MAPUTO / HARARE (Reuters) – Cyclones and floods that swept across south-east Africa affected more than 2.6 million people and could be one of the worst disasters associated with the weather and recorded in the southern hemisphere, ONE
Rescue crews are still struggling to reach victims five days after Cyclone Idai raced at a speed of up to 170 kph (105 mph) from the Indian Ocean to Mozambique, then his inland neighbors Zimbabwe and Malawi.
Support groups said that many survivors were caught in remote areas, surrounded by damaged roads, flat buildings and underwater villages.
“There is a sense from the grassroots people that the world is still not trapped into the severity of this disaster,” said Matthew Cochrane, spokesman for the International Federation of Societies and the Red Cross. and Red Crescent, briefing ONE in Geneva.
“The full horror, the full effect but coming to the obvious over the next few days,” he added.
The official death count in Mozambique is 84 – but his president Filipe Nyusi said on Monday that he had flown over some of the worst zones, having seen bodies floating in rivers and now estimated to be over 1,000 people have died there.
The cyclone hit land near Beira Mozambique port on Thursday and moved into the land throughout the weekend, leaving heavy rain on Tuesday.
Studies of satellite imagery suggested that there were 1.7 million poles on the cyclone route in Mozambique and that another 920,000 had been affected in Malawi, said Herve Verhoosel, senior spokesperson on the World Food Program U.N. He gave no figures for Zimbabwe.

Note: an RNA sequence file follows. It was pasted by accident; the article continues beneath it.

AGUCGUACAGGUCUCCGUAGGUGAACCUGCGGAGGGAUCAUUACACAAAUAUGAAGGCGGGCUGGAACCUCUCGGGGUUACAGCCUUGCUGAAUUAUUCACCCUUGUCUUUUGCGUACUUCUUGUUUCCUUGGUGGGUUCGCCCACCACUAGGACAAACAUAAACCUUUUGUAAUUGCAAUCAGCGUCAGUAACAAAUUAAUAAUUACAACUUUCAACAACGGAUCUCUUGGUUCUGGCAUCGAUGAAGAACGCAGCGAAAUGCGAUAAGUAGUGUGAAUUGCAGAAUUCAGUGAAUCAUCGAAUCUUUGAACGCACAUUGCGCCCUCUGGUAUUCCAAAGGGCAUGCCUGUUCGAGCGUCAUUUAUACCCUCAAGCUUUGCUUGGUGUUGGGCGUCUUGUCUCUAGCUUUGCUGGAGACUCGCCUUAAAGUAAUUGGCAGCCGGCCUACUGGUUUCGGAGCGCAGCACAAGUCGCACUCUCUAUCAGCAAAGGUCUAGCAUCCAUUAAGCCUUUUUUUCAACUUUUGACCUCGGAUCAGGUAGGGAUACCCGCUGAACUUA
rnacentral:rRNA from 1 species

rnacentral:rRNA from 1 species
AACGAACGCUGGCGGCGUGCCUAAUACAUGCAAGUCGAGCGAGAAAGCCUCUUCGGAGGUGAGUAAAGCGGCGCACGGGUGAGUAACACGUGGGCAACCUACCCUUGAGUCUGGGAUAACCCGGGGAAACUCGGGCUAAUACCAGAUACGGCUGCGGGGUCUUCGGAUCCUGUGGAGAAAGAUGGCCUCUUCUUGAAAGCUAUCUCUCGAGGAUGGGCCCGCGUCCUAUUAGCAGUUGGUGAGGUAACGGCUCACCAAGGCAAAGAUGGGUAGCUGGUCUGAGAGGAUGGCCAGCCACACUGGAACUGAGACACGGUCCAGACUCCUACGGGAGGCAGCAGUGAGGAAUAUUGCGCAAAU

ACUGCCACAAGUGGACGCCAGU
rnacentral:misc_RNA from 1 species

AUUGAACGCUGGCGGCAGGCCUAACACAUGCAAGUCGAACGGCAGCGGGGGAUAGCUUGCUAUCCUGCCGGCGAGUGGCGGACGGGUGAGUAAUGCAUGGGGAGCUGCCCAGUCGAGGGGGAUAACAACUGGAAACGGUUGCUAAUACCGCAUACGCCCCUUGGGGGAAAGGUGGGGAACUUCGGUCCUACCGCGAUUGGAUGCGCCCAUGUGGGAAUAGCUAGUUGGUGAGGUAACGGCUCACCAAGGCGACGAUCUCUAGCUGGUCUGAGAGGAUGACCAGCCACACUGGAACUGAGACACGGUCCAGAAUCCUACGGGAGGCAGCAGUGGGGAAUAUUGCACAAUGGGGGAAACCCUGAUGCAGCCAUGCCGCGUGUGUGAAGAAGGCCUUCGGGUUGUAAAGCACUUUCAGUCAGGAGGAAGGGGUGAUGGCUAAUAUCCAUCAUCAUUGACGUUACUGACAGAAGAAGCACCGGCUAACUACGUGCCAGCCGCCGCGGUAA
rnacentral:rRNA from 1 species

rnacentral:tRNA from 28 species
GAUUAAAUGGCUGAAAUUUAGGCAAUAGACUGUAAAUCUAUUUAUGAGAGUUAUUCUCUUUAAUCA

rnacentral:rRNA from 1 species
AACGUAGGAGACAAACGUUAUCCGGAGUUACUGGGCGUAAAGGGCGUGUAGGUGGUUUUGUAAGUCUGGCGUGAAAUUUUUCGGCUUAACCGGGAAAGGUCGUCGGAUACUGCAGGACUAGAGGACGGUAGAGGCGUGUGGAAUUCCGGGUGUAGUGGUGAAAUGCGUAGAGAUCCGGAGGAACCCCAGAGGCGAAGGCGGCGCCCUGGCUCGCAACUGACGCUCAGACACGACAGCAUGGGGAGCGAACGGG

Many rivers had cut their banks, or were about to leave, leaving a huge area under the waters, and only in air and water, said Lola Castro, WFP's regional director for South Africa, at the UN briefing. over the phone from Johannesburg.
Heavy rain preceded the cyclone, exacerbating the problems, says Clare Nullis of the World Meteorological Organization U.N.
“The worst fears are being realized… then we can say it's one of the worst disasters associated with the weather, tropical-cyclone-related disasters in the hemisphere t Droughts are classified as not related to climate.
In Beira, a low coastal city of 500,000 people, Nullis said that the water had nowhere to drain. “This isn't going to disappear quickly,” he said.
Beira is also home to Mozambique's second largest port, which acts as a gateway to land-locked countries in the region.
A pipeline control room running from Beira to Zimbabwe and supplying the majority of that country's fuel had been damaged, Zimbabwe Energy Minister Jorum Gumbo told the Herald's state-owned newspaper March.
“However, we have enough stocks in the country and I am told that the repairs at Beira can take a week,” she said.